The right format for networking at your event often sets the tone for the entire occasion. Ideally, your event format should be based on: event goals, industry and common interests, Size of the event, and number of people attending. Fortunately, there are no right or wrong answers when choosing a networking event format. To help make your choice easier, we’ve put together a list of ideas to choose from.
1. Elevator Pitch Events
As the name suggests, this format is designed after the Elevator Pitch, a clear and concise introduction of yourself, what you do, and the company you work for/own, done in the time it takes to ride up the elevator.
With elevator pitch events, participants are divided into groups (possible with matchmaking software), and given 5 minutes to talk about their expertise and industry. Potential connects can then approach each other after the discussion.
2. Speed Networking
Think of it as speed dating but with a business-oriented goal. At speed networking events, participants are divided into two groups: half sitting on individual tables, the other moving from table to table every 5 to 10 minutes—enough to make quick introductions.
Speed networking events are more intimate, but their fast pace makes them more exciting and effective at breaking down any awkwardness with introductions.
Sometimes, it’s not enough for event participants to just talk about what they do, they need to show it instead. With exhibition-style events, groups of participants put up booths, ala trade show style, where they can display their projects and portfolios in view of other attendees.
4. Networking Tables
Roundtable discussion tables are a tried and tested networking strategy, where small groups of people sit down and talk for 30 to 60 minutes about certain topics or questions relevant to the theme of the event. Each table is moderated (ideally by a resource speaker) to ensure each participant is given time to speak and share ideas with the rest of the group.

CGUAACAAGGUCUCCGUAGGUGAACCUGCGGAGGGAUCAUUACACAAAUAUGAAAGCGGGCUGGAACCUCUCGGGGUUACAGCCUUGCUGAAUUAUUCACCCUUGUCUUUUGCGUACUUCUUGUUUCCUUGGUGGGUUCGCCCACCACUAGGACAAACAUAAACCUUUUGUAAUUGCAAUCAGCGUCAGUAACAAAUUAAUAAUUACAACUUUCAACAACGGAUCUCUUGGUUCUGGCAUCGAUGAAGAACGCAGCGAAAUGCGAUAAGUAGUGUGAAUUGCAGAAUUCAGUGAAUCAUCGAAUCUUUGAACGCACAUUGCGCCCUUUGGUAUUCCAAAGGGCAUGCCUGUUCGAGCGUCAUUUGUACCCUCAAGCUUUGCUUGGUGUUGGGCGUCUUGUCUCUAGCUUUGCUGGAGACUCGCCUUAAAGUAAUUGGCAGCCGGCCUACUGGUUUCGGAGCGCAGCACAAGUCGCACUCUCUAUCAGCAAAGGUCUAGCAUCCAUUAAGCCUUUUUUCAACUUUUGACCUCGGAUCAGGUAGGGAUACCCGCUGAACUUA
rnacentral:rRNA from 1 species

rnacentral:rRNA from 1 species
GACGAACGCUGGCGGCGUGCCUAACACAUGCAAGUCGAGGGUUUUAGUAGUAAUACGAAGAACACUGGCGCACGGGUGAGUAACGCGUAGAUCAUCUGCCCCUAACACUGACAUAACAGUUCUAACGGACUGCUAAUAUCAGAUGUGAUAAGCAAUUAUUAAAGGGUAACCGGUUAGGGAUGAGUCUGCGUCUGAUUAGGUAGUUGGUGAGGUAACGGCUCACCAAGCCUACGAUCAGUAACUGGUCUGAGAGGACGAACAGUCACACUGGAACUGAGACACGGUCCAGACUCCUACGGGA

5. Group Competitions
If you’ve joined a team building activity before, this format should be familiar. In these events, participants are divided into groups and compete against each other in a variety of challenges designed to show their skills and expertise in their industry. Naturally, challenges should take into account the different niches all participants come from to ensure a fair playing field.
Of course, event contests don’t have to be competitive in nature. You can always have contests just for the fun of it.
Whatever format you choose, just remember to base your decision on what’s likely to engage your participants most effectively. And don’t limit yourself to just one format—you can always mix and match as you please in order to facilitate connections between attendees.
Written By Tabitha Naylor
Next week we'll be firing up great, curated networking tables at our 3rd annual MUG Conference! We're bringing to life our dream event, and it all starts with connecting, click below to learn more.